Depending on the activity, I do random picking of who starts talking. Pick a name randomly, etc. Then do not move forward until they have spoken. Also, asking open-ended questions instead of closed ones. I’m sure that’s what you’re doing.
      Can you give a specific example of an activity that you do?

      • Shain says:

        I’m a fan of random picking, but only if it’s truly random. I use TeacherKit, but there are other apps that allow you to enter all your students’ names and then select one at the tap of a button. That way, no one can claim they are “getting picked on.” When a reluctant or quieter student is selected, I am not the bad guy. “It’s not me, blame the gods” or “Fate picked you!” Humor helps defuse student angst at times.

    • Mary says:

      Model to them how to have a discussion. Give them sentence starters and have them each write a reply, swap papers and respond back and forth. Have them pretend they are in a meeting and the “boss” needs something done ASAP. I tell my 8th graders they are getting ready for the real world whether it is high school, college, or going out to get a job.

    • Paul says:

      Have your students respond in writing. Then ask for the non-participators to share what they wrote. It might spur some conversation. Of course I have to heed my own advice!

  2. Heather Deputy says:

    Perhaps you could explain that each pair will share their discussion with the class, and then use a name picker app to select students to share. I’ve also found that contradicting a student quickly ignites conversation, especially from those students who agree with the student. Good luck!

  3. Audrey Feitor says:

    Thank you for the great article. Wondering how this would apply with students with 504’s and/or IEP’s who have trouble staying focused. I’m thinking an additional layer of signals between teacher and student?

  4. Thank you for these explicit steps to dealing with this tricky classroom issue. Just this week a teacher brought this up in a coaching session. I’m excited to share this post with her; to learn alongside and to support her and the students in the process.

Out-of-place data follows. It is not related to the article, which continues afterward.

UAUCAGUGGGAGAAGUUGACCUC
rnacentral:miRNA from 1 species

5. I have a different situation. This year I landed in a school that, unbeknownst to me, has absolutely no discipline plan at all. All the teachers talk over their students and give directions, so nobody can clearly hear anything, and no student is actually required to listen and follow directions. The school is also big on earning points for good behavior, except that everyone gets points for everything, so… I used Mr. Linsin’s techniques in my previous school. His “When I say go” approach to directions is really effective, but I’ve already been told not to use it this year. I’m stuck. But thanks for the reminder about this effective approach to teaching/learning appropriate behavior.

  6. Traywop says:

    Thank you so much for this podcast. This year I am struggling with talkative students (new school/new teacher). I know I let the ball drop in too many areas…plan on fixing tomorrow. Thank you.

  7. Elicia says:

    I found this post helpful, but as for Michael Linsin’s website that is promoted here, I found it highly problematic. The first two posts on his site that I cam across were steeped in whiteness and not sending the message that culturally relevant practice is the goal. The first post asks what to do when students question you “When you know they’re just trying to get under your skin.” How can we possibly know that a student questioning us is not actually valid because we are not teaching them in a way they need to be taught? I think this is a very dangerous ideology to be putting out there for a country of majority white educators. His next post was “How To Handle Disrespectful Students Who Don’t Know They’re Being Disrespectful” Don’t know they’re being disrespectful? Then they’re not being disrespectful! Not adhering to white cultural norms is not necessarily disrespect. This quote put me over the edge:
    “Disrespect appears to be on the rise—particularly among younger students. It’s important, however, to determine if the disrespect is intentional or a misunderstanding of the definition.

    Sadly, as surprising as it may seem, due to poor home and neighborhood influences many students just don’t know any better.”